While this line of statistical reasoning has intuitive appeal, in most cases it actually provides very little evidence for the hypothesis that the new measure is more strongly related to the outcome than is the older measure. Again, we can quantify the false positive rate using our analytical framework. In this case, an investigator rejects the null hypothesis that ρ1.2 = ρ2.1, in favor of the alternative ρ1.2 ≠ ρ2.1, upon finding that one of the predictors in the observed multiple regression is significant while the other predictor is not. The Type 1 error surface for this argument, illustrated in Fig 5, is very unusual. The first thing to note is that, unlike with the previous two cases, here the error rate does not approach the nominal alpha level of 5% as the predictors approach perfect reliability. This is because the argument for improved measurement is actually based on flawed test logic: the correct procedure would directly test the difference ρ1.2 − ρ2.1 rather than separately testing the individual coefficients. Thus, while the unreliability of the predictors affects the error rates a lot (compare the panels of Fig 5), it is not really the main problem with the argument for improved measurement.
The null hypothesis is that the two predictors have the same partial correlation with the outcome. The magnitude of the true partial correlation varies from small (panel A) to medium (panel B) to large (panel C). Varying δ does not have a very big impact on the error rates, so we fix it at δ = .5 in all three panels.
The second thing to note is that, unlike in the previous cases, here the error rate does not approach 100% as the sample size goes to infinity. Instead, the error rate increases until it reaches some maximum value that is typically in the 50%–65% range. After that point, the error rate then declines and begins to approach 0%, so that the test is extremely conservative (and hence underpowered) at large sample sizes. The intuition for this fact is that, when the sample size is very large, it is nearly certain that both of the predictors will be significant as long as there is some nonzero partial correlation, so observing only one predictor significant and the other nonsignificant would be extremely rare under the null hypothesis. The exact sample size at which the expected error rate reaches its maximum is a complicated, joint function of the reliabilities of the predictors and the strength of the partial correlations with the outcome. Two rules of thumb that can be gleaned from the plots are that the maximum error rate tends to be reached at a smaller sample size when (a) the reliabilities of the predictors are higher, and/or when (b) the partial correlations between the predictors and the outcome are stronger. One thing this analysis does make abundantly clear is that the Type 1 and 2 error rates associated with the argument for improved measurement are extremely poorly calibrated, so that the evidential value of rejecting this particular null hypothesis is often entirely unclear in practice.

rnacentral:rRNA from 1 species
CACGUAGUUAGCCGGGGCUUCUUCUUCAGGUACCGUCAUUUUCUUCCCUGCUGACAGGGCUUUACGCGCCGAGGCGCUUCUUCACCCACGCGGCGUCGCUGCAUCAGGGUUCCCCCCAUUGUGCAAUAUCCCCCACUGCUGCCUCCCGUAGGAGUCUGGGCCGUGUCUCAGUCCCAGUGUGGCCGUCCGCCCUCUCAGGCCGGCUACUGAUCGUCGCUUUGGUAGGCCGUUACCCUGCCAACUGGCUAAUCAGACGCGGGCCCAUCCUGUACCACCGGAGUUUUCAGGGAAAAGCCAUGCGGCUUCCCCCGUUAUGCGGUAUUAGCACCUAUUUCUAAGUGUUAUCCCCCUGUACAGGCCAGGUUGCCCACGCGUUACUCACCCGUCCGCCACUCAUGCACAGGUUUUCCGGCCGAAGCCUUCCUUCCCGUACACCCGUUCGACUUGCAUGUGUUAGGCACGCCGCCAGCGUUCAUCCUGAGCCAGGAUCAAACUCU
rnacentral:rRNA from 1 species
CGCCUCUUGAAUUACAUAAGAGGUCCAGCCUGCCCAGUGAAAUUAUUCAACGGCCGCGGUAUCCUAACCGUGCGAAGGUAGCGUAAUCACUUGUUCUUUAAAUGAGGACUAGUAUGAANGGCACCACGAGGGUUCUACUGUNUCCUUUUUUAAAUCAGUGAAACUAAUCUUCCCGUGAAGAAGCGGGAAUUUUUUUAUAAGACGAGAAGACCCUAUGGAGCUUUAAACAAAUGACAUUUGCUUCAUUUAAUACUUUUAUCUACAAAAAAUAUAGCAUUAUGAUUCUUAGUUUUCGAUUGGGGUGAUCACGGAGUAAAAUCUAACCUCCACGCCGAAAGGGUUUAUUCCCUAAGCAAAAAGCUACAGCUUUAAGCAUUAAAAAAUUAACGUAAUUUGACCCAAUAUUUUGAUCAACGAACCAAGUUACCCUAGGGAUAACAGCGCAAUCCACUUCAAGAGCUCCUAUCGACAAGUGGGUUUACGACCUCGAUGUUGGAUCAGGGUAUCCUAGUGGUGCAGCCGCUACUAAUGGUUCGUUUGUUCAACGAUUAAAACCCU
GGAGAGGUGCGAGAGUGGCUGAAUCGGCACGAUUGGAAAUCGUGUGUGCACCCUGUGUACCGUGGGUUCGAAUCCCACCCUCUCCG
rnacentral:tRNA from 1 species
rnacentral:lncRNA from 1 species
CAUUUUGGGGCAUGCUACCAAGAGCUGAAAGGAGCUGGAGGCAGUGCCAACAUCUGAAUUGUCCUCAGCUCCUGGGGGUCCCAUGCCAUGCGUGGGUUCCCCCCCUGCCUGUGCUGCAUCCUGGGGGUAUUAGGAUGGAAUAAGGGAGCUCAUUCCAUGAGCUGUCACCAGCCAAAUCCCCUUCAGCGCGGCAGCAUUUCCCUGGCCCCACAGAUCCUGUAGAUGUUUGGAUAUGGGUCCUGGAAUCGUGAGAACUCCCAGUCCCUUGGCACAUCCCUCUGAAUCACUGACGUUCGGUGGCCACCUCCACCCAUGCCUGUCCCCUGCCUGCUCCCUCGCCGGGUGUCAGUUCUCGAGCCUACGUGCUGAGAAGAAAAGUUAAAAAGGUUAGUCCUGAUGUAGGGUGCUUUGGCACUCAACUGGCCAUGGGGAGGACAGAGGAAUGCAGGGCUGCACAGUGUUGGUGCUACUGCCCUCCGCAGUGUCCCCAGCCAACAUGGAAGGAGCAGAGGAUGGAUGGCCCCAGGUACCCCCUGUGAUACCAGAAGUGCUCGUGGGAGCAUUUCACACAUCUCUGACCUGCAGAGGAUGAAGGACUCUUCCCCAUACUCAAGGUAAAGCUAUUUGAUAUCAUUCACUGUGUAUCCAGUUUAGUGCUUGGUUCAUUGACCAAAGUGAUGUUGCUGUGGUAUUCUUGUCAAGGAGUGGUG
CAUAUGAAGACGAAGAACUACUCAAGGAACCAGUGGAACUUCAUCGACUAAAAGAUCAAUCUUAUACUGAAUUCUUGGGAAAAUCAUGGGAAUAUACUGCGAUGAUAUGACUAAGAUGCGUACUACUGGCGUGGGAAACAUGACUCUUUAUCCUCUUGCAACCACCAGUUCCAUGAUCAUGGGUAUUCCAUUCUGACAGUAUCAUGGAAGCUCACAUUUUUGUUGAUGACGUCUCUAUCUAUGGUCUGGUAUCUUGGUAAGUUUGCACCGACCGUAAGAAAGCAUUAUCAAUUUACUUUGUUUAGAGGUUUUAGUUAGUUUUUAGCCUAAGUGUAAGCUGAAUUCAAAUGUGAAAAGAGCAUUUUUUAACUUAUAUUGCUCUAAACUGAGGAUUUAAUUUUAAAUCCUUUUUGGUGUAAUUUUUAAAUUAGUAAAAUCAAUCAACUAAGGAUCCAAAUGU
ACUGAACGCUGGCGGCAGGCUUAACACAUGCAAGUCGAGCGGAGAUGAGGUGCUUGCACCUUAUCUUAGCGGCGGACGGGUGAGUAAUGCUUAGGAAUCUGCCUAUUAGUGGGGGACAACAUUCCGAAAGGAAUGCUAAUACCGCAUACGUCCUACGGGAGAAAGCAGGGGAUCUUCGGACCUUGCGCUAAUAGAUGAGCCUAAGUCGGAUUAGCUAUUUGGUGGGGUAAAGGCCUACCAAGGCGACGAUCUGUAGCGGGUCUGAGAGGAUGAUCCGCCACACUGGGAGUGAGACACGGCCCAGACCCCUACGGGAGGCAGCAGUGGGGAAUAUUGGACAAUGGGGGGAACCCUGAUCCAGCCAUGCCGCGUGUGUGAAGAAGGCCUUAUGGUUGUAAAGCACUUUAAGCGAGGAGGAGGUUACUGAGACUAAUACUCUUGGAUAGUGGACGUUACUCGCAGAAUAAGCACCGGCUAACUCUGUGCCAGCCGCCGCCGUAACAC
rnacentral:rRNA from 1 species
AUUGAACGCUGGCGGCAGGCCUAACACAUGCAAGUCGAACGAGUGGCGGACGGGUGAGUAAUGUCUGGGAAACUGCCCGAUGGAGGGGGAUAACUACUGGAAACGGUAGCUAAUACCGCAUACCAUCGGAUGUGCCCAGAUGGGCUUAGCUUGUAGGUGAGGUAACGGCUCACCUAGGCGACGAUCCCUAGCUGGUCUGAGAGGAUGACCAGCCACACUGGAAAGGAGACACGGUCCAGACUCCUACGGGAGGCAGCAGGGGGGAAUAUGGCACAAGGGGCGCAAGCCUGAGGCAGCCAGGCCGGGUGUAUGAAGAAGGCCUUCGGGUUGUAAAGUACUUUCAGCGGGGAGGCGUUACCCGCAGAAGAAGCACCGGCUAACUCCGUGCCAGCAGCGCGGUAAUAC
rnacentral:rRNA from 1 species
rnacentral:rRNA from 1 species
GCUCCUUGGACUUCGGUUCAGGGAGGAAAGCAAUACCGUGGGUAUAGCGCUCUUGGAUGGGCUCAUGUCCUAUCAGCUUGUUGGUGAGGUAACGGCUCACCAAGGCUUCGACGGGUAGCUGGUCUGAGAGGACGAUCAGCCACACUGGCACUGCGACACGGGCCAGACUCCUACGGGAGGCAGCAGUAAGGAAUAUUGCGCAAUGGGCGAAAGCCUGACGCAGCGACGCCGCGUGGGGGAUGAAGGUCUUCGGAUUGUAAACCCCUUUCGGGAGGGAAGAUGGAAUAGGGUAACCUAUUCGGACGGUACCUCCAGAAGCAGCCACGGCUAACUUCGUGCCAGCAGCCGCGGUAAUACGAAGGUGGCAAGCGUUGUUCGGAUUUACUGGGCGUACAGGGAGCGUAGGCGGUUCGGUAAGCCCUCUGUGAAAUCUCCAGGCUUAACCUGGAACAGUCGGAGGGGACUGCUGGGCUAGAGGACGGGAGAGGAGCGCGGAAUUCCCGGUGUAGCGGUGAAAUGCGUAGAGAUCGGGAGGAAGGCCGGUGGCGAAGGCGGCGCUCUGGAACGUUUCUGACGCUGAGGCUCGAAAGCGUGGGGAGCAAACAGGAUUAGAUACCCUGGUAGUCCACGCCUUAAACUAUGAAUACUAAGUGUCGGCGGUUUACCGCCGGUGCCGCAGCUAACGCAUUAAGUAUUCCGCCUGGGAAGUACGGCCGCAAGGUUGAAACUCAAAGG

Lastly, it is important to note while we have focused exclusively on Type 1 error probabilities within a frequentist hypothesis testing framework, essentially the same problem will arise no matter what statistical approach one uses (unless reliability is explicitly accounted for, as we discuss in the next section). For example, suppose one takes the view that the null hypothesis is almost never exactly true, and that researchers should instead focus on parameter estimation [34,35]. Consider the case of a true partial correlation that is very small but technically non-zero, ρ1.2 = 0.01. Given a large indirect effect size (ρ2 = δ = 0.7), modest reliabilities (α1 = α2 = 0.4), and a sample size of n = 100, the mean estimated incremental contribution is , with 95% of estimated values lying in [0.02, 0.40], which does not even include the true value ρ1.2. Thus, all of the conclusions we have drawn above generalize to a parameter estimation regime with little or no modification required. Nor is the problem restricted to frequentist approaches, as the same issues would arise for Bayesian models that fail to explicitly account for measurement error.
The results presented above demonstrate that, in a wide range of very common research scenarios, incremental validity arguments based on multiple regression analysis run a very high risk of Type 1 error. Perhaps even more problematically, the error rates in question are typically unknown, because investigators often lack reasonable estimates of predictor reliability (e.g., econometric studies attempting to control for SES hardly ever estimate or report the reliability of the actual survey item(s) used to operationalize the SES construct). Of course, one could avoid these pitfalls by abstaining entirely from drawing construct-level claims on the basis of measurement-level models—and in general, we believe that researchers should always exercise extreme caution when ascribing latent-variable interpretations to observed variables. Ultimately, however, incremental validity arguments are statistical statements about the relationships between latent variables. As such, the most appropriate way to test such statements is to use latent variable approaches such as structural equation modeling (SEM), which can explicitly account for measurement unreliability.